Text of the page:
Wisdom teeth or third molars typically erupt during the late teens or early 20s and can sometimes cause problems. By this stage the rest of the permanent teeth have erupted and the jaw is often too small to comfortably accommodate wisdom teeth. As a result they can try to erupt underneath existing teeth, causing them to become impacted, or they may partially erupt or even push sideways through the gums.
Impacted or partially erupted wisdom teeth can create dental problems. Bacteria and food can become trapped around them, causing infections such as tooth decay or gum disease. If your wisdom teeth are causing you pain or discomfort, it’s best to make an appointment to come and see us.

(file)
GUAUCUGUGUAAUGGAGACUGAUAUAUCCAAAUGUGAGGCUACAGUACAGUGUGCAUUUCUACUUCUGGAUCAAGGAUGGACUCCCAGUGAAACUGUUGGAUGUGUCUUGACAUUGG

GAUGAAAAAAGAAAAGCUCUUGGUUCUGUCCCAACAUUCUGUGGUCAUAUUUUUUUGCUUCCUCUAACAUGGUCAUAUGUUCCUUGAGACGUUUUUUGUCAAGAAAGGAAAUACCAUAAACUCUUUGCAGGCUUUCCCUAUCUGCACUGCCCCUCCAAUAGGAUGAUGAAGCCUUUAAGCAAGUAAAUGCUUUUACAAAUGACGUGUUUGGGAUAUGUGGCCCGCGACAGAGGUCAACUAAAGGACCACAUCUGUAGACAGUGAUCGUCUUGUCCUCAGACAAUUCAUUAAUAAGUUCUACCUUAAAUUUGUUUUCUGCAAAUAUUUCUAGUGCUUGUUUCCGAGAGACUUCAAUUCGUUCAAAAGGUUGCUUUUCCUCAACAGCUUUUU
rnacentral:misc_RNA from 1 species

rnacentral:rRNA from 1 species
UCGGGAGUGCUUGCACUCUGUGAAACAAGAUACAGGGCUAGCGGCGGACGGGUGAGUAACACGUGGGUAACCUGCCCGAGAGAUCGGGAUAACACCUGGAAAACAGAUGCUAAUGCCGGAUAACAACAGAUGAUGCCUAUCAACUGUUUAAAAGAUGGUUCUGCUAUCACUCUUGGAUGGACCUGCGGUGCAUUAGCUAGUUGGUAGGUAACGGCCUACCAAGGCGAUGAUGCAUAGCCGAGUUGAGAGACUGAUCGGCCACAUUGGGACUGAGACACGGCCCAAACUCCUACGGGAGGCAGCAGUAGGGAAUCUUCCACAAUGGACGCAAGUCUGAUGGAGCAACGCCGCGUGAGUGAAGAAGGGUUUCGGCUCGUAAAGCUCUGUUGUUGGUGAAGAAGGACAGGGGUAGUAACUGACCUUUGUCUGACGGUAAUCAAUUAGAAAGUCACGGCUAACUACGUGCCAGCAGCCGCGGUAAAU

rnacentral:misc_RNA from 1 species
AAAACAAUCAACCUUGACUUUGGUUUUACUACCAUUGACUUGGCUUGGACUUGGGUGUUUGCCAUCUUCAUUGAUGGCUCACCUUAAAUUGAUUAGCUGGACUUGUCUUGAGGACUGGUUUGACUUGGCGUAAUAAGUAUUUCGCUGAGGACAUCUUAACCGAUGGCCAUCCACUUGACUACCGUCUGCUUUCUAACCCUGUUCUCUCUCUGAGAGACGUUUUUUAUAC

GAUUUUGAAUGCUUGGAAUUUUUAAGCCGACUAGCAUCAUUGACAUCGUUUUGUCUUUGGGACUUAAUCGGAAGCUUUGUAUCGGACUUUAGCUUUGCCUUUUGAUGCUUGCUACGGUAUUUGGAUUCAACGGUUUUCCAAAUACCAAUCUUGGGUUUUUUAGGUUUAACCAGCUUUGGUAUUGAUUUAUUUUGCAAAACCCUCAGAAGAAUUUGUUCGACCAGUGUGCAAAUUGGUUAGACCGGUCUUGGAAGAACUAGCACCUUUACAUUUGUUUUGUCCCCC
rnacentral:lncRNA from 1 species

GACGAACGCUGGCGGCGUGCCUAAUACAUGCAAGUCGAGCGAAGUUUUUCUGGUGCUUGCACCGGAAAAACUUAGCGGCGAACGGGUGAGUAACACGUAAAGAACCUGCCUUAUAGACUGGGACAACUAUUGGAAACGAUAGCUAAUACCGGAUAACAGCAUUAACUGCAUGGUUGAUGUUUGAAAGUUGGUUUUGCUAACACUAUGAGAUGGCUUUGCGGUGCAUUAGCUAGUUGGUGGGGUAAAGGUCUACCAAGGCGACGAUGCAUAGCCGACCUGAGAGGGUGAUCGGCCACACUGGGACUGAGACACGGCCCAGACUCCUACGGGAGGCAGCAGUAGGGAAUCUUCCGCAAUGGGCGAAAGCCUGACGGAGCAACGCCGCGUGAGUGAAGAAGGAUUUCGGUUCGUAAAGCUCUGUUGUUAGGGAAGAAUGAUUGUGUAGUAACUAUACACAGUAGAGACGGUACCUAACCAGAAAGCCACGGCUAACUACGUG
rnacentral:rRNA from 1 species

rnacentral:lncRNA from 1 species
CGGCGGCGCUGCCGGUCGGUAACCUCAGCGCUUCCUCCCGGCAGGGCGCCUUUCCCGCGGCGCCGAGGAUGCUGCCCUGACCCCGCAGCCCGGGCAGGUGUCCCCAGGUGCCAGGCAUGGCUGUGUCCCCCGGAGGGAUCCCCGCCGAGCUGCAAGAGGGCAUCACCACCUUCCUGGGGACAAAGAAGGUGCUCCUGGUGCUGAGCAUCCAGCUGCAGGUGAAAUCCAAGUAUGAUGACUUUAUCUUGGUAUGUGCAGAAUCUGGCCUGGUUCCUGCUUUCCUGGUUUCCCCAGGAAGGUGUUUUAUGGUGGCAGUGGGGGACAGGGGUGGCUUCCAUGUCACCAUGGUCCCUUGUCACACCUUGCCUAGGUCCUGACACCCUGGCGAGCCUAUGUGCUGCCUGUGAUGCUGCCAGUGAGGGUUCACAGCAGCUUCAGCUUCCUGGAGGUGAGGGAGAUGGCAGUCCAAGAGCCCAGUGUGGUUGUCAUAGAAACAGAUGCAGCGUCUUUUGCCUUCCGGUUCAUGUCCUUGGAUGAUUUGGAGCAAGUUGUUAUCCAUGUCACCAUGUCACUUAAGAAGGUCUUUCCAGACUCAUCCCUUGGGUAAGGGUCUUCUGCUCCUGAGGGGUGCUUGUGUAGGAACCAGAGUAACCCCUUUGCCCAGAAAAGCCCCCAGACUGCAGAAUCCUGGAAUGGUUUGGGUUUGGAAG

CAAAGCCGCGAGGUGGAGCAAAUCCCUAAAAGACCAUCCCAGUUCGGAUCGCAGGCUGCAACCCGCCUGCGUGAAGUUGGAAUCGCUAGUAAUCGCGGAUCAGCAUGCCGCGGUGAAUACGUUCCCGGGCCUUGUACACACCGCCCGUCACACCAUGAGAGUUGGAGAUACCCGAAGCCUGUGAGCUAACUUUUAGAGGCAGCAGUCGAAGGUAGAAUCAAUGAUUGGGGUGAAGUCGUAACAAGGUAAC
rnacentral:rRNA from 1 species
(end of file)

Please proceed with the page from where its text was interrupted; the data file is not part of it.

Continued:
Dr Eshak will examine your mouth and may take dental x-rays of your wisdom teeth to see if they need extracting. If they do require removal then this is a straightforward procedure that can normally be carried out under local anaesthetic. Afterwards you may have some localised swelling for a couple of days, and you will need to take care not to dislodge the blood clots in the empty sockets as these aid healing. If you smoke, we recommend you quit for a few days as this can slow down the healing process.
Wisdom tooth removal is not generally necessary if they are fully erupted and healthy, and are positioned correctly in your jaw, but if you have pain or repeated infections then their extraction may be beneficial.